Supermarine S5 replica project ‘ahead of timeline’
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The project to build a flying replica of the famed Supermarine S5 seaplane in time to mark the one hundredth anniversary of its 1927 Schneider Trophy win is reported to be making ‘good progress’
Project instigator Will Hosie says that it is ‘ahead of its timeline’ to fly in Spring 2023.
The original aircraft was fitted with a 24-litre Napier Lion VIIa engine, which had its three banks of four cylinders arranged in ‘broad arrow’ configuration.
None of these very unusual engines survives in airworthy condition, so the full-size replica will be powered by a 210hp Continental IO-360, which should allow it to reach 130kt.
Build drawings and modifications have been produced by Technical Director John Wighton, working in close collaboration with the Light Aircraft Association, which has been ‘extremely supportive’ of the project.
“The wings are coming on well,” Hosie tells Pilot. “Bill Penaluna has started the spars and the wings should be ready for skinning towards the end of the year, then we will be covering and painting them.”
Revised drawings for the floats were expected to be complete by 10 September, and work will then start on their fabrication near Okehampton in Devon.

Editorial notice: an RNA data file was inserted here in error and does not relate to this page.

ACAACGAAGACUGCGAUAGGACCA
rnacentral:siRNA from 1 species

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Paul Baisden is responsible for all the metalwork while the project’s inspector is Dr Bill Brooks, former Technical Director of P & M Aviation.
The fourteen-month build of the fuselage is scheduled to start in October 2021 and the team intends to be ready for the maiden flight around mid-2023.
Chris Gotke has agreed to be the project’s Chief Pilot. A graduate of ETPS, Chris is currently involved in F-35 development flying and remains current on the Sea Fury formerly attached to the Royal Navy Historic Flight.
The S5 replica was officially approved as a charity project in July, “which will help us better promote it,” says Hosie.
“A total of £275,000 is required, and we have currently raised £79,000.”
Anyone wishing to follow this fascinating project, or wanting to help through sponsorship or a donation should visit www.supermarineseaplane.co.uk